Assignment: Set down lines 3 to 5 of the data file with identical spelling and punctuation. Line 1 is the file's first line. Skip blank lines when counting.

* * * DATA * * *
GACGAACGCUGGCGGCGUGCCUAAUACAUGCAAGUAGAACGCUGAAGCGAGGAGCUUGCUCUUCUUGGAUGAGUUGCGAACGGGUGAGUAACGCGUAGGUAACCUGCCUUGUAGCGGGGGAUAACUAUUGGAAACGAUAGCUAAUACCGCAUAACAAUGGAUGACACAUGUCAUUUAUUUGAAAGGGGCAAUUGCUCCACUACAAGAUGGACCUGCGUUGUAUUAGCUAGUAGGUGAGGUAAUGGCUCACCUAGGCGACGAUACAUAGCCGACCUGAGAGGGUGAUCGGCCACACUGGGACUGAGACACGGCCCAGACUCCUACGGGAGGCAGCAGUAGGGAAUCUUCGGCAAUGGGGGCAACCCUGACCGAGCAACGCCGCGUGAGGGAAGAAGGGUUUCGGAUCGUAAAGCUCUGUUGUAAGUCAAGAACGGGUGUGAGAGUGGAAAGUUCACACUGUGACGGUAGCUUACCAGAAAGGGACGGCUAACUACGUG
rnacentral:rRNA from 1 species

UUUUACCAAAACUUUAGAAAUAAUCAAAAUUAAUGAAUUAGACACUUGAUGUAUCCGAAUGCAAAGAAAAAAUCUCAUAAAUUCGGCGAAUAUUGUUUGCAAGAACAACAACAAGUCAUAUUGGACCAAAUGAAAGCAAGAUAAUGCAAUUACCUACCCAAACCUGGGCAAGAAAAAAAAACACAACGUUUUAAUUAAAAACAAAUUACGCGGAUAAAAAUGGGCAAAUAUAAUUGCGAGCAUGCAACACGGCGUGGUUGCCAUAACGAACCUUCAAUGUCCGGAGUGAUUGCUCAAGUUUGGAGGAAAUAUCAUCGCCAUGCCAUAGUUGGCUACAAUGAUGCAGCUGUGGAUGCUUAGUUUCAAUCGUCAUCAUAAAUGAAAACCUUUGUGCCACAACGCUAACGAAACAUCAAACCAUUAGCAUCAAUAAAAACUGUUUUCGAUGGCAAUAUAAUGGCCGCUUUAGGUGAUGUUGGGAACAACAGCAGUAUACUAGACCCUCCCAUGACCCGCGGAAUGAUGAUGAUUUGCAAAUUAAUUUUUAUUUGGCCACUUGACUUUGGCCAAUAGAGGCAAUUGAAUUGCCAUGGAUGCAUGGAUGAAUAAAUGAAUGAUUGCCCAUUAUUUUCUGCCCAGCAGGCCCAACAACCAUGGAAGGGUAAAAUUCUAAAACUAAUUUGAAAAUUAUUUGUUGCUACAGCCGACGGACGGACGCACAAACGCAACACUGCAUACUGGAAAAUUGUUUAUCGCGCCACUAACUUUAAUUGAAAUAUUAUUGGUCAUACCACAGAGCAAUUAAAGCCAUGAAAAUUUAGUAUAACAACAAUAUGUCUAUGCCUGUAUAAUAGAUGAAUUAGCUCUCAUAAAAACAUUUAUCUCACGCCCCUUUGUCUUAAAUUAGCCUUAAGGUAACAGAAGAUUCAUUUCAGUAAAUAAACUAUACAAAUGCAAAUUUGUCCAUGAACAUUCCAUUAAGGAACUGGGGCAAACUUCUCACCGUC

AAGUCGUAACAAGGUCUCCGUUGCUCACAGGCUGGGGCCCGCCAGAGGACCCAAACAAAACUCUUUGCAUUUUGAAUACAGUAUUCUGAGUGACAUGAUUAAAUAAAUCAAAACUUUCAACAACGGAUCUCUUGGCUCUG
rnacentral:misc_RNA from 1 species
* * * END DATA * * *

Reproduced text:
UUUUACCAAAACUUUAGAAAUAAUCAAAAUUAAUGAAUUAGACACUUGAUGUAUCCGAAUGCAAAGAAAAAAUCUCAUAAAUUCGGCGAAUAUUGUUUGCAAGAACAACAACAAGUCAUAUUGGACCAAAUGAAAGCAAGAUAAUGCAAUUACCUACCCAAACCUGGGCAAGAAAAAAAAACACAACGUUUUAAUUAAAAACAAAUUACGCGGAUAAAAAUGGGCAAAUAUAAUUGCGAGCAUGCAACACGGCGUGGUUGCCAUAACGAACCUUCAAUGUCCGGAGUGAUUGCUCAAGUUUGGAGGAAAUAUCAUCGCCAUGCCAUAGUUGGCUACAAUGAUGCAGCUGUGGAUGCUUAGUUUCAAUCGUCAUCAUAAAUGAAAACCUUUGUGCCACAACGCUAACGAAACAUCAAACCAUUAGCAUCAAUAAAAACUGUUUUCGAUGGCAAUAUAAUGGCCGCUUUAGGUGAUGUUGGGAACAACAGCAGUAUACUAGACCCUCCCAUGACCCGCGGAAUGAUGAUGAUUUGCAAAUUAAUUUUUAUUUGGCCACUUGACUUUGGCCAAUAGAGGCAAUUGAAUUGCCAUGGAUGCAUGGAUGAAUAAAUGAAUGAUUGCCCAUUAUUUUCUGCCCAGCAGGCCCAACAACCAUGGAAGGGUAAAAUUCUAAAACUAAUUUGAAAAUUAUUUGUUGCUACAGCCGACGGACGGACGCACAAACGCAACACUGCAUACUGGAAAAUUGUUUAUCGCGCCACUAACUUUAAUUGAAAUAUUAUUGGUCAUACCACAGAGCAAUUAAAGCCAUGAAAAUUUAGUAUAACAACAAUAUGUCUAUGCCUGUAUAAUAGAUGAAUUAGCUCUCAUAAAAACAUUUAUCUCACGCCCCUUUGUCUUAAAUUAGCCUUAAGGUAACAGAAGAUUCAUUUCAGUAAAUAAACUAUACAAAUGCAAAUUUGUCCAUGAACAUUCCAUUAAGGAACUGGGGCAAACUUCUCACCGUC

AAGUCGUAACAAGGUCUCCGUUGCUCACAGGCUGGGGCCCGCCAGAGGACCCAAACAAAACUCUUUGCAUUUUGAAUACAGUAUUCUGAGUGACAUGAUUAAAUAAAUCAAAACUUUCAACAACGGAUCUCUUGGCUCUG
rnacentral:misc_RNA from 1 species